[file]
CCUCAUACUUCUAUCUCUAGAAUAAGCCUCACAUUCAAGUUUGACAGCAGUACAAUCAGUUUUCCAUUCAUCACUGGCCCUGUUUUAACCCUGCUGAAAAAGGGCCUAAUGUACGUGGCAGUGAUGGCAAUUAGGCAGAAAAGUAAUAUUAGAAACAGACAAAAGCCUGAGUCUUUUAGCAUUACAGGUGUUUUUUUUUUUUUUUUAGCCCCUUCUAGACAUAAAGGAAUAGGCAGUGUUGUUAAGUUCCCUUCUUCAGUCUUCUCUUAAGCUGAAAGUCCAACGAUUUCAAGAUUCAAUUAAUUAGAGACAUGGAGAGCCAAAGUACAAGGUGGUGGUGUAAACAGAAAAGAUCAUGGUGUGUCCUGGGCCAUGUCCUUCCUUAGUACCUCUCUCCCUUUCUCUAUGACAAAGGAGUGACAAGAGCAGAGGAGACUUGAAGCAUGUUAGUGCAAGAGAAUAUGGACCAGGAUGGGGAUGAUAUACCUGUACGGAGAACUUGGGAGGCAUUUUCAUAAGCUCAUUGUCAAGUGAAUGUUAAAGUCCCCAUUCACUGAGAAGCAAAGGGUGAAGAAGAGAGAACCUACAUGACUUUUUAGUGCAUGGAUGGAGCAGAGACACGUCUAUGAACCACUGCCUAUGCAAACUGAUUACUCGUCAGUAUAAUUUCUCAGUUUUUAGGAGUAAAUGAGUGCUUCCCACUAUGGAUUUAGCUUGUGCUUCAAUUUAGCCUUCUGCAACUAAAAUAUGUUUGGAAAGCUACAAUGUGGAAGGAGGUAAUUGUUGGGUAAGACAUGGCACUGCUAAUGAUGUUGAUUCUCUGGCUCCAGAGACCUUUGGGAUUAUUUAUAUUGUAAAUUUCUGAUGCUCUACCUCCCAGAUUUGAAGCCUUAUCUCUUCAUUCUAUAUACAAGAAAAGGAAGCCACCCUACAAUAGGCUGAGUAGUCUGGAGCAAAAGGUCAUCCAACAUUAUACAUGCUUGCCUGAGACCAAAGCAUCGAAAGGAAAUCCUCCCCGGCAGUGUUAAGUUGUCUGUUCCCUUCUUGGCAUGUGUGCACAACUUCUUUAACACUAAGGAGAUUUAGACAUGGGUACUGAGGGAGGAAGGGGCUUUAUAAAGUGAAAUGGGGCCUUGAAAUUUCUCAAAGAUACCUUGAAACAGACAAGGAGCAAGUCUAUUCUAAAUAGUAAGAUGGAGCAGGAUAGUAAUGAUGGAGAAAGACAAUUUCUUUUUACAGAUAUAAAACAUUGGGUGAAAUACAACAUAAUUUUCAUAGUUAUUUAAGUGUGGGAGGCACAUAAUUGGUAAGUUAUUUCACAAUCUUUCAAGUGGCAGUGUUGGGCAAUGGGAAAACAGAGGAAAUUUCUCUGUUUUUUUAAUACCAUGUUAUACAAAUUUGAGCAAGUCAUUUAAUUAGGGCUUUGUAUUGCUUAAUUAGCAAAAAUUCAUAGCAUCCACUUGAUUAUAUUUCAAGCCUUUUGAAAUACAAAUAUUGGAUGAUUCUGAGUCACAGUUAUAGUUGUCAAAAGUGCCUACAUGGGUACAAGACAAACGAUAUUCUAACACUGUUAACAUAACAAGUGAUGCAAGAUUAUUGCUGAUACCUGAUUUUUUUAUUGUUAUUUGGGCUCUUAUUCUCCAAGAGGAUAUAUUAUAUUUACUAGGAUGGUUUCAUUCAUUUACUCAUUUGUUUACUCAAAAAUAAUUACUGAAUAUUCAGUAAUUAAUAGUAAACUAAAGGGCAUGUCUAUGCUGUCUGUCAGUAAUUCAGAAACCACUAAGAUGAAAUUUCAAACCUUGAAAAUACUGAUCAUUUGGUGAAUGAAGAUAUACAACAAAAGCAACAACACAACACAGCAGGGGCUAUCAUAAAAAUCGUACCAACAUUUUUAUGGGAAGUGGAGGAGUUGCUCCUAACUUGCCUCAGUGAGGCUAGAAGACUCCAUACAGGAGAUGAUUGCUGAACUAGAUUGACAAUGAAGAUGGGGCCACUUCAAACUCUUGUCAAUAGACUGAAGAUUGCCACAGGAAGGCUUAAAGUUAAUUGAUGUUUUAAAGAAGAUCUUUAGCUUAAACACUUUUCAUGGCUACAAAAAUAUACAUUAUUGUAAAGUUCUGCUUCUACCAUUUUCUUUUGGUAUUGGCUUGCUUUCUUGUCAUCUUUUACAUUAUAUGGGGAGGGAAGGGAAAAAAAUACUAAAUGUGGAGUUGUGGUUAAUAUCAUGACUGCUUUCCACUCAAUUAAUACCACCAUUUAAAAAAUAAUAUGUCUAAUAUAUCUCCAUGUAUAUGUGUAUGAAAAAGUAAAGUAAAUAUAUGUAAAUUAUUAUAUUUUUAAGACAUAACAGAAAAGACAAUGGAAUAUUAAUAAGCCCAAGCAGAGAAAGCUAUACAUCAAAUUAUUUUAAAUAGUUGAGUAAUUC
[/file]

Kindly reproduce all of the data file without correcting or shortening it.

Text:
CCUCAUACUUCUAUCUCUAGAAUAAGCCUCACAUUCAAGUUUGACAGCAGUACAAUCAGUUUUCCAUUCAUCACUGGCCCUGUUUUAACCCUGCUGAAAAAGGGCCUAAUGUACGUGGCAGUGAUGGCAAUUAGGCAGAAAAGUAAUAUUAGAAACAGACAAAAGCCUGAGUCUUUUAGCAUUACAGGUGUUUUUUUUUUUUUUUUAGCCCCUUCUAGACAUAAAGGAAUAGGCAGUGUUGUUAAGUUCCCUUCUUCAGUCUUCUCUUAAGCUGAAAGUCCAACGAUUUCAAGAUUCAAUUAAUUAGAGACAUGGAGAGCCAAAGUACAAGGUGGUGGUGUAAACAGAAAAGAUCAUGGUGUGUCCUGGGCCAUGUCCUUCCUUAGUACCUCUCUCCCUUUCUCUAUGACAAAGGAGUGACAAGAGCAGAGGAGACUUGAAGCAUGUUAGUGCAAGAGAAUAUGGACCAGGAUGGGGAUGAUAUACCUGUACGGAGAACUUGGGAGGCAUUUUCAUAAGCUCAUUGUCAAGUGAAUGUUAAAGUCCCCAUUCACUGAGAAGCAAAGGGUGAAGAAGAGAGAACCUACAUGACUUUUUAGUGCAUGGAUGGAGCAGAGACACGUCUAUGAACCACUGCCUAUGCAAACUGAUUACUCGUCAGUAUAAUUUCUCAGUUUUUAGGAGUAAAUGAGUGCUUCCCACUAUGGAUUUAGCUUGUGCUUCAAUUUAGCCUUCUGCAACUAAAAUAUGUUUGGAAAGCUACAAUGUGGAAGGAGGUAAUUGUUGGGUAAGACAUGGCACUGCUAAUGAUGUUGAUUCUCUGGCUCCAGAGACCUUUGGGAUUAUUUAUAUUGUAAAUUUCUGAUGCUCUACCUCCCAGAUUUGAAGCCUUAUCUCUUCAUUCUAUAUACAAGAAAAGGAAGCCACCCUACAAUAGGCUGAGUAGUCUGGAGCAAAAGGUCAUCCAACAUUAUACAUGCUUGCCUGAGACCAAAGCAUCGAAAGGAAAUCCUCCCCGGCAGUGUUAAGUUGUCUGUUCCCUUCUUGGCAUGUGUGCACAACUUCUUUAACACUAAGGAGAUUUAGACAUGGGUACUGAGGGAGGAAGGGGCUUUAUAAAGUGAAAUGGGGCCUUGAAAUUUCUCAAAGAUACCUUGAAACAGACAAGGAGCAAGUCUAUUCUAAAUAGUAAGAUGGAGCAGGAUAGUAAUGAUGGAGAAAGACAAUUUCUUUUUACAGAUAUAAAACAUUGGGUGAAAUACAACAUAAUUUUCAUAGUUAUUUAAGUGUGGGAGGCACAUAAUUGGUAAGUUAUUUCACAAUCUUUCAAGUGGCAGUGUUGGGCAAUGGGAAAACAGAGGAAAUUUCUCUGUUUUUUUAAUACCAUGUUAUACAAAUUUGAGCAAGUCAUUUAAUUAGGGCUUUGUAUUGCUUAAUUAGCAAAAAUUCAUAGCAUCCACUUGAUUAUAUUUCAAGCCUUUUGAAAUACAAAUAUUGGAUGAUUCUGAGUCACAGUUAUAGUUGUCAAAAGUGCCUACAUGGGUACAAGACAAACGAUAUUCUAACACUGUUAACAUAACAAGUGAUGCAAGAUUAUUGCUGAUACCUGAUUUUUUUAUUGUUAUUUGGGCUCUUAUUCUCCAAGAGGAUAUAUUAUAUUUACUAGGAUGGUUUCAUUCAUUUACUCAUUUGUUUACUCAAAAAUAAUUACUGAAUAUUCAGUAAUUAAUAGUAAACUAAAGGGCAUGUCUAUGCUGUCUGUCAGUAAUUCAGAAACCACUAAGAUGAAAUUUCAAACCUUGAAAAUACUGAUCAUUUGGUGAAUGAAGAUAUACAACAAAAGCAACAACACAACACAGCAGGGGCUAUCAUAAAAAUCGUACCAACAUUUUUAUGGGAAGUGGAGGAGUUGCUCCUAACUUGCCUCAGUGAGGCUAGAAGACUCCAUACAGGAGAUGAUUGCUGAACUAGAUUGACAAUGAAGAUGGGGCCACUUCAAACUCUUGUCAAUAGACUGAAGAUUGCCACAGGAAGGCUUAAAGUUAAUUGAUGUUUUAAAGAAGAUCUUUAGCUUAAACACUUUUCAUGGCUACAAAAAUAUACAUUAUUGUAAAGUUCUGCUUCUACCAUUUUCUUUUGGUAUUGGCUUGCUUUCUUGUCAUCUUUUACAUUAUAUGGGGAGGGAAGGGAAAAAAAUACUAAAUGUGGAGUUGUGGUUAAUAUCAUGACUGCUUUCCACUCAAUUAAUACCACCAUUUAAAAAAUAAUAUGUCUAAUAUAUCUCCAUGUAUAUGUGUAUGAAAAAGUAAAGUAAAUAUAUGUAAAUUAUUAUAUUUUUAAGACAUAACAGAAAAGACAAUGGAAUAUUAAUAAGCCCAAGCAGAGAAAGCUAUACAUCAAAUUAUUUUAAAUAGUUGAGUAAUUC